Village deals with police department lawsuits

TUPPER LAKE – The village is dealing with several lawsuits against its police department, one of which was settled in January.

In two cases, people who had dealings with the police accuse police of being too rough, and in the other, a man says the police didn’t do enough to protect him.

Recently settled

In January, a judge dismissed Stephen Vaillancourt’s federal case again the village, the police department and former village police officers Chris Skiff and Justin Perryman in U.S. District Court in the Northern District of New York.

In the lawsuit, Vaillancourt accused Skiff of assaulting and unconstitutionally restraining him in the early morning hours of May 13, 2011. At the time, Vaillancourt was 23.

According to the lawsuit, Vaillancourt and some friends left Old Northern Pub and one of the friends found that he had lost his car keys, setting off the car’s alarm when he tried to get into it.

Since the police department is near Old Northern, Skiff and Perryman heard the alarm and came to investigate. Skiff reportedly offered to give them a ride when they said they were locked out of the car. The suit alleged that on the way to the car, Skiff used a gay slur to refer to Vaillancourt, and the two got into an argument about it that continued as Skiff started driving.

According to court documents, Skiff drove the men part of the way to their destination, then tried to get Vaillancourt to get out of the car. Instead, however, he let the other passengers out and brought Vaillancourt back to the police station, saying it was so Vaillancourt could calm down. When Vaillancourt refused to get out of the car, Skiff allegedly screamed at him and physically assaulted him, elbowing him in the face and jaw, biting his chest, kneeing him in the back and ribs, and choking him.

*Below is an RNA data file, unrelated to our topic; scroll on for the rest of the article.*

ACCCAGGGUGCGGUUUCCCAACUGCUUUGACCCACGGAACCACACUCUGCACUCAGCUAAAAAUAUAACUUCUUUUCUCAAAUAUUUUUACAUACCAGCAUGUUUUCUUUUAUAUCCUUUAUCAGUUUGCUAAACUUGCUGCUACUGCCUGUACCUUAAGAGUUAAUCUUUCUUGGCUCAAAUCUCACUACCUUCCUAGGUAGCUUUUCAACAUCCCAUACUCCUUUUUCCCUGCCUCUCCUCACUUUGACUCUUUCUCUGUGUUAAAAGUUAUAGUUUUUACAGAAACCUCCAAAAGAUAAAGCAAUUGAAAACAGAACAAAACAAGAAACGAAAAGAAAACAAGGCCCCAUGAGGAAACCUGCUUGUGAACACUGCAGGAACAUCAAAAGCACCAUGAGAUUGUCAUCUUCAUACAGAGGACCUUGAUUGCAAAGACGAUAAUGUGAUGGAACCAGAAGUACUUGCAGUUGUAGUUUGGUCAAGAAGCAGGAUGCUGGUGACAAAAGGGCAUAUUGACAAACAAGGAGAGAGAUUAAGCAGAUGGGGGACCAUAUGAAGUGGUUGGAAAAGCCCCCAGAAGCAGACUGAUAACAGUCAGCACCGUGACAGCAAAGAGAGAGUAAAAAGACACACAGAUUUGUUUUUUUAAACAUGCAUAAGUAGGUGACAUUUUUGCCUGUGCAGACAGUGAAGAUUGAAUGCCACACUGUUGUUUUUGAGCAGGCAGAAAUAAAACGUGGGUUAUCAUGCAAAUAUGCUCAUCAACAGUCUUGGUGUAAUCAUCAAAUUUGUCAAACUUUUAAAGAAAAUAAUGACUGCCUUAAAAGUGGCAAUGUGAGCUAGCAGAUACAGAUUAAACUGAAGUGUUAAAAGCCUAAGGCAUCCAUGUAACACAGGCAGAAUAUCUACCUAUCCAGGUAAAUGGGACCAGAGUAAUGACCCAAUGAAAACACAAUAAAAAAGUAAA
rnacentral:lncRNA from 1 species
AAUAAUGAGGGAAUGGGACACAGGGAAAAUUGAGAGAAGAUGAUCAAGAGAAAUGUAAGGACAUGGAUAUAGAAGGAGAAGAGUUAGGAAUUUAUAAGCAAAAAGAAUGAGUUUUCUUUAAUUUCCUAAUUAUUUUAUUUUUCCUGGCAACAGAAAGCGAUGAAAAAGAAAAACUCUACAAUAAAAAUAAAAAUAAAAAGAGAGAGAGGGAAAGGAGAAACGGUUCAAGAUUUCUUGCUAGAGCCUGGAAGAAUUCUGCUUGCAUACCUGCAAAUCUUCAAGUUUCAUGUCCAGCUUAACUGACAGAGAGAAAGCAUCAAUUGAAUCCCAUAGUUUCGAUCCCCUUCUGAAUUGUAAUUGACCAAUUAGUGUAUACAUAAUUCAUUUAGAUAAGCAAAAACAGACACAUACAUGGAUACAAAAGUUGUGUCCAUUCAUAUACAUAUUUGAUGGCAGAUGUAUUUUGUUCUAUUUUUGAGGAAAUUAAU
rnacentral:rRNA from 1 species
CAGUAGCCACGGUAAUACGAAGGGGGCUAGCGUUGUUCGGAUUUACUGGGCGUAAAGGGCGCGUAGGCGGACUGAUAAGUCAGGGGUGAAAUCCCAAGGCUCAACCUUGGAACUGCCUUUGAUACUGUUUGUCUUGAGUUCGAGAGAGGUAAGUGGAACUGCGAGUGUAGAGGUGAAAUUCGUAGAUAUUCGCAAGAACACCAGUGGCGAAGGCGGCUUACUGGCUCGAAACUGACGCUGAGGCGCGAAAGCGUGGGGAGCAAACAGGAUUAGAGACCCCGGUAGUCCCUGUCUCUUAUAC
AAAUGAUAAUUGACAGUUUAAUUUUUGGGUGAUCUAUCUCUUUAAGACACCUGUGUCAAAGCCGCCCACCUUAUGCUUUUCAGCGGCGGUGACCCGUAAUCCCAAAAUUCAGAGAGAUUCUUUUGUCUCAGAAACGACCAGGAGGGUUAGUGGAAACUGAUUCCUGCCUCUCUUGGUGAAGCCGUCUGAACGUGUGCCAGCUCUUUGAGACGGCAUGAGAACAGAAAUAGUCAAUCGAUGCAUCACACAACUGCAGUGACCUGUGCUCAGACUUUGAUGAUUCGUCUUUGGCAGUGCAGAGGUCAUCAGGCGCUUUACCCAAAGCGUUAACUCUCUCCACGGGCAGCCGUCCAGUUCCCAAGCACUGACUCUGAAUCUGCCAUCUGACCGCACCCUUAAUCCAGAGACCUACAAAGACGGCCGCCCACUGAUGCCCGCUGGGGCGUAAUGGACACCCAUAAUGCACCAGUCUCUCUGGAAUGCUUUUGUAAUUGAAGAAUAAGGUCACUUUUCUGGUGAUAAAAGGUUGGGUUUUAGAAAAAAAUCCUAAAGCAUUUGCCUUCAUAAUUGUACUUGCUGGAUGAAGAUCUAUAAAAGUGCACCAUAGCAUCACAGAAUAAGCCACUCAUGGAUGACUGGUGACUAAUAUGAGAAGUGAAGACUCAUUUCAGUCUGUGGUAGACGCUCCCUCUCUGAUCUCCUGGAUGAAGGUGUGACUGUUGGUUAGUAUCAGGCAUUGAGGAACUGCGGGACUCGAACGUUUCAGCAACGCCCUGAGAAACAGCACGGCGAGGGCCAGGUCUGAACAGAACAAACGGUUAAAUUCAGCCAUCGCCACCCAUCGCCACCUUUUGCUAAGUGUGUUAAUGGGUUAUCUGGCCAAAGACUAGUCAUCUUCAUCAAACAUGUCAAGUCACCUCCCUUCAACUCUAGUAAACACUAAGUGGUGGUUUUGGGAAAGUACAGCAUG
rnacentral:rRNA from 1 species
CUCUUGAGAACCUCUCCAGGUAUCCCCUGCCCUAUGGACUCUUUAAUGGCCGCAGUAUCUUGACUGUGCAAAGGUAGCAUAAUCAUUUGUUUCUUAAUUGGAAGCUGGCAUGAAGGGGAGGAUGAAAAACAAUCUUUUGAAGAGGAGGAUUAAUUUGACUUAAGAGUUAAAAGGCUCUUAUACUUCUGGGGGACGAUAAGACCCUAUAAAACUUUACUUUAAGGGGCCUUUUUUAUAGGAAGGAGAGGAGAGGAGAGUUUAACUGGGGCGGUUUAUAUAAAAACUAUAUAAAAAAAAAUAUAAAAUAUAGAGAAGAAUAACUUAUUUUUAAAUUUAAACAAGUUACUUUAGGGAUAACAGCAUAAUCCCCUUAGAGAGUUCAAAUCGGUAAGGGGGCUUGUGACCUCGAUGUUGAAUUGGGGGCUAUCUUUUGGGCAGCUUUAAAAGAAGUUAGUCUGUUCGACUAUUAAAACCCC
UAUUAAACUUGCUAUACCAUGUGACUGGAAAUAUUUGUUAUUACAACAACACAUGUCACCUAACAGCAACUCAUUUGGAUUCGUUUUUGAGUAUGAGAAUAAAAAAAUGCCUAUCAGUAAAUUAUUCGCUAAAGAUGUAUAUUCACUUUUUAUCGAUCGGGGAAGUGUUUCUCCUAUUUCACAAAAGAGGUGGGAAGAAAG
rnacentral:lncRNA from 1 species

The suit alleges that Skiff brought Vaillancourt into the police department and talked with him there, choking him and yelling at him at points throughout, at one point making him “nearly pass out due to the lack of oxygen,” the complaint reads.

At no time during the incident was Vaillancourt read Miranda rights or advised that he was being arrested or charged with anything, the suit states.

It also accuses Perryman of failing to intervene, as well as handcuffing Vaillancourt despite him not being arrested and having no Miranda rights read to him.

The suit alleges that Skiff should not have been employed by the village police department by then because he had failed to follow protocol in the past, including physical assaults of other people, alleged drug use and insubordination.

Both Skiff and Perryman were suspended from duty a week later, after Vaillancourt filed a complaint.

Skiff resigned in September to settle a criminal investigation into the incident, and Perryman transfered to another police squad.